Although a touch of snow preceded the end of construction season, most capital projects slated for 2014 were completed before the cold weather came to stay. City Engineer Sat Nagar gave an update on streetscapes, alley-paving and the Arrington Lagoon to City Council at the Oct. 25 budget meeting.
“We are pretty much on target to finish up the construction projects,” Mr. Nagar said. These include street repairs and resurfacing, sidewalk replacements, streetscape improvements, water-main replacements and the renovation of the lagoon at Dawes Park.
Streetscapes were improved along the north side of Central Street between Lincolnwood and Ewing avenues and between Prairie Avenue and Green Bay Road and on Sherman Avenue between Church and Lake streets.
Sidewalks and Alleys
Between 200 and 300 property owners participated in the sidewalk-replacement program this year, said Mr. Nagar. The list for next year is growing, he added.
Most alleys have been paved, said Mr. Nagar, but a shortage of cement, owing to the runway project at O’Hare International Airport, caused delay to a few.
Those, he said, should be completed by mid-November.
The City has 176 miles of streets, and since some are multi-lane, there are 190 lane miles of streets here, said Mr. Nagar. The life expectancy of a street is 15 years, and with the present allocation of funds – about $2 million, the City will not catch up with the needs unless another source of funding is found, Mr. Nagar said.
The lagoon at Dawes Park was constructed in the 1930s by the WPA. A gift from the Arrington family has allowed the City to reconstruct the lagoon base and renovate the area. The project “is nearing completion. Most of the work is done except restoration and path paving,” said Mr. Nagar.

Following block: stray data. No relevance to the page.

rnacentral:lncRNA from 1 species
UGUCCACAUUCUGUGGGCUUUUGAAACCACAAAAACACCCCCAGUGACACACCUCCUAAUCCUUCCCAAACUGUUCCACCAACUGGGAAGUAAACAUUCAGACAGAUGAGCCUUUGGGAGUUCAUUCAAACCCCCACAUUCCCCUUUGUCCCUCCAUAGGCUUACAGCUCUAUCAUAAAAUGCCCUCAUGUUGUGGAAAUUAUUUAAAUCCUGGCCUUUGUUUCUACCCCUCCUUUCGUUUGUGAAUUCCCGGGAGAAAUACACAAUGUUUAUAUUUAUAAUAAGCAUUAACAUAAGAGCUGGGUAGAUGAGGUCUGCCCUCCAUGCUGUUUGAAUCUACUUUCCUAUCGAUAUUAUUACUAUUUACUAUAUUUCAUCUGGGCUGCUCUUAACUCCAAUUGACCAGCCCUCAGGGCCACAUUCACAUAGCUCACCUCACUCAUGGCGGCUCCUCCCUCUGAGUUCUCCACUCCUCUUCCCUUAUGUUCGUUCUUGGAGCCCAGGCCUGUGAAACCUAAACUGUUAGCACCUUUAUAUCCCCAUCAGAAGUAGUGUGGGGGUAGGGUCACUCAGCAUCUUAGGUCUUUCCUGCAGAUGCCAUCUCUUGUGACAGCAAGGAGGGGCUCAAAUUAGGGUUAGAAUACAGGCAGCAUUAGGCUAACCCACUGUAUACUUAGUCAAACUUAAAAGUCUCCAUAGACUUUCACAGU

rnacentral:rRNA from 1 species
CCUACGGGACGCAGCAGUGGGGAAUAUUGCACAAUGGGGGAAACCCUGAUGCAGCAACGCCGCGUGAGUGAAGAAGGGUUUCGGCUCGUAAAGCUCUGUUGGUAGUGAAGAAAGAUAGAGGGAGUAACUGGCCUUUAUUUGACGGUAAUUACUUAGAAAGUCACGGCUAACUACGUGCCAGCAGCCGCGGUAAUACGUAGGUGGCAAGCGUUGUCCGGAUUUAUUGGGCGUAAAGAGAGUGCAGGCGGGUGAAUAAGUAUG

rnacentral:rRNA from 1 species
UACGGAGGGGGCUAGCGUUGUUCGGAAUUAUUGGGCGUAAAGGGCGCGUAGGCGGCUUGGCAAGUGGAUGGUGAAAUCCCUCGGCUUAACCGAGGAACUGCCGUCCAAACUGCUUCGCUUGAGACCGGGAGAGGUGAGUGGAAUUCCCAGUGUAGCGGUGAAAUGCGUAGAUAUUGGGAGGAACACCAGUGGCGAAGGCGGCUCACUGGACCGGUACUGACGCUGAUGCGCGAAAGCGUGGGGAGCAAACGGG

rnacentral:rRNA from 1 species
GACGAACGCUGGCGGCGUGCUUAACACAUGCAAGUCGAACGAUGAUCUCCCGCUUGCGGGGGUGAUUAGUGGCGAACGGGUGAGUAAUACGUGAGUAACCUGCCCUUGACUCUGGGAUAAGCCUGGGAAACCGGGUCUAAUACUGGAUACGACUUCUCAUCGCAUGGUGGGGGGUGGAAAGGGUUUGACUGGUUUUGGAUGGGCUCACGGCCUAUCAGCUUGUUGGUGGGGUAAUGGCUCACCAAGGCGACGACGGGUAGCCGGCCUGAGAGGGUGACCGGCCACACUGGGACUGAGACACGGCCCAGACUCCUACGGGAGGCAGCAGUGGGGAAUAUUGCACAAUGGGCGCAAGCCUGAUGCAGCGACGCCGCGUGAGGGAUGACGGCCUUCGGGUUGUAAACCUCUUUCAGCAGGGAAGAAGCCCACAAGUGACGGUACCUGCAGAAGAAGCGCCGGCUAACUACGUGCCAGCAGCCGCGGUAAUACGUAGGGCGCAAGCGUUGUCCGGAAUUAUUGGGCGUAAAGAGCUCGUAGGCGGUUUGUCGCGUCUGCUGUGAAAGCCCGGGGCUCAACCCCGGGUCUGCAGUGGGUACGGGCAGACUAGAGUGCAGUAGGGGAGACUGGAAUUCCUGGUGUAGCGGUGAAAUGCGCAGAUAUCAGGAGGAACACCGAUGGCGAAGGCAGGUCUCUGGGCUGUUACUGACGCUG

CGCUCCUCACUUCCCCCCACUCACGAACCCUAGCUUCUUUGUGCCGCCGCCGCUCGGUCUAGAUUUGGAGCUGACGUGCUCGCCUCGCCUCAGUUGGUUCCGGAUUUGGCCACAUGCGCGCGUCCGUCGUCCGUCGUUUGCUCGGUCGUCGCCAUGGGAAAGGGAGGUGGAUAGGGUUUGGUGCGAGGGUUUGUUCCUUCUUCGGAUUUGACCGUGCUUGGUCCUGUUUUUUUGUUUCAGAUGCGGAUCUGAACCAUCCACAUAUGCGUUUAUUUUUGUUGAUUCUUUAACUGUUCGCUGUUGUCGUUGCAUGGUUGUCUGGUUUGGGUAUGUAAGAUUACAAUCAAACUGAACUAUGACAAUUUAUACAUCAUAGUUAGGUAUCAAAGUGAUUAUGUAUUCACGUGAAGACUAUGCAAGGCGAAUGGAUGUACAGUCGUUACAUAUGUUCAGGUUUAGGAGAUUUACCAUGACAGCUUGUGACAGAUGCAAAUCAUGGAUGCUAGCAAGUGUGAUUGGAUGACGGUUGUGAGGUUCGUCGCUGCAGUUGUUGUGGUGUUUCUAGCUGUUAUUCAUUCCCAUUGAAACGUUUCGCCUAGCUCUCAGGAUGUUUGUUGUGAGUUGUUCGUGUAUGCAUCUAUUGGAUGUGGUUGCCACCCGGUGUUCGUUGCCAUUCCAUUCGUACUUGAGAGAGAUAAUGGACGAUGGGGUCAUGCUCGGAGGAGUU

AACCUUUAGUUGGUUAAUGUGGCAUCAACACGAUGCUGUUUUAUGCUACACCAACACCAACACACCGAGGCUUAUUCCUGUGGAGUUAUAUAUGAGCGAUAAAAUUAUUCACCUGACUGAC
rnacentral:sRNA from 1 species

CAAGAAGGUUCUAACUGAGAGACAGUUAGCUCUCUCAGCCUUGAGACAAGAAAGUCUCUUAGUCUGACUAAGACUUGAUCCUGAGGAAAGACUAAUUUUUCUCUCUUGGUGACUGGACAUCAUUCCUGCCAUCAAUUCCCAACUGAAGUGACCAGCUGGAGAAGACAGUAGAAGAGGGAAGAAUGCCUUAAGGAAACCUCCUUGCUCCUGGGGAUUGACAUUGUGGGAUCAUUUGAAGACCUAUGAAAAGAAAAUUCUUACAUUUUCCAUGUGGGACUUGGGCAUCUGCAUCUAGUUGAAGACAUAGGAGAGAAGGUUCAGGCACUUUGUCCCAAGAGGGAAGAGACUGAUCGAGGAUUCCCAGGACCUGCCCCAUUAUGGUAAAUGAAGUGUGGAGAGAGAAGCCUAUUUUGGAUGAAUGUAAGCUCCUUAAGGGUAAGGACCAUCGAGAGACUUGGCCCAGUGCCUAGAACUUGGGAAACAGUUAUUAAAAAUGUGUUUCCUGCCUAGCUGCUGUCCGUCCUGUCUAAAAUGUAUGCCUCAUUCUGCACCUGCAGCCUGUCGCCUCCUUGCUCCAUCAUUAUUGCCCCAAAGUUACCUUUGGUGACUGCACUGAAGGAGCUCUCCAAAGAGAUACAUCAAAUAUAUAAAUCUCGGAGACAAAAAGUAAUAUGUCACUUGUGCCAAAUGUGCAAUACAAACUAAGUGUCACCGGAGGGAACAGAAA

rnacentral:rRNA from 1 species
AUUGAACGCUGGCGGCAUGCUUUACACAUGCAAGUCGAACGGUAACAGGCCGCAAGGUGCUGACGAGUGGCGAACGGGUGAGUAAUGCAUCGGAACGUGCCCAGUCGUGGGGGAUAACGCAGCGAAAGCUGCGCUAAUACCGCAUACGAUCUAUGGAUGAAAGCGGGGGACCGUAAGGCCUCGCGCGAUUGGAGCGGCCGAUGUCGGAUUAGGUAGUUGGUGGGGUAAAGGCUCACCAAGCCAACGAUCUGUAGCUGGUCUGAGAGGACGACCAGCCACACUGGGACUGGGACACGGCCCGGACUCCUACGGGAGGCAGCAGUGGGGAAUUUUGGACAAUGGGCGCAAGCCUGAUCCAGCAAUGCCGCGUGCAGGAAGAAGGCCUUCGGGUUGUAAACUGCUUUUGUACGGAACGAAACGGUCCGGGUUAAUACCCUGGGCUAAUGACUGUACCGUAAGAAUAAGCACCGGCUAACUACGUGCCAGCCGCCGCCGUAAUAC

Update on Capital Projects
The tentative budget for fiscal year 2015 proposes $43 million in capital projects, said Assistant City Manager/Treasurer Martin Lyons.
In a survey of residents conducted in connection with the preparation of this budget, “32% of residents said, ‘Fix the streets’; others said, ‘Work on parks,’”
Mr. Lyons said. The proposed budget would allocate $8 million for streets, sidewalks and alley repairs, he added. Work on parks may be somewhat slower, however. The City application for a grant to renovate the soccer field at Lovelace Park was denied, he said.
City Manager Wally Bobkiewicz said City staff members have pulled back on their recommendation to spend $250,000 for a consultant to evaluate the parks. “What we’re going to do instead is come back with our evaluation of safety issues only, move forward with that and then have a conversation with you in winter regarding a capital plan for future years for parks,” he told the Council members.
“I think the point was made by Alderman [Don] Wilson and others that identifying our park needs without having an identical funding mechanism behind it is perhaps not the best use of dollars, and the staff agreed. We will come back in winter to discuss with Council [a way to move forward] that will not require a $250,000 consulting contract,” Mr. Bobkiewicz added.
The City plans to issue $7.5 million in general obligation bonds, Mr. Lyons said. The City issues these bonds in July of each year, he said, “so we pay the least amount of interest.” He also said the proposed 10 percent increase in the water rate – coupled with a similar one proposed for 2016 – “are for a capital program that will address long-term funding issues.”
Most of the Nov. 17 City Council meeting will be devoted to discussing the budget, said Mr. Bobkiewicz, and it is expected that Council will adopt a budget at its Nov. 24 meeting. By law, the City must approve a balanced budget by the beginning of the next fiscal year, Jan. 1, 2015.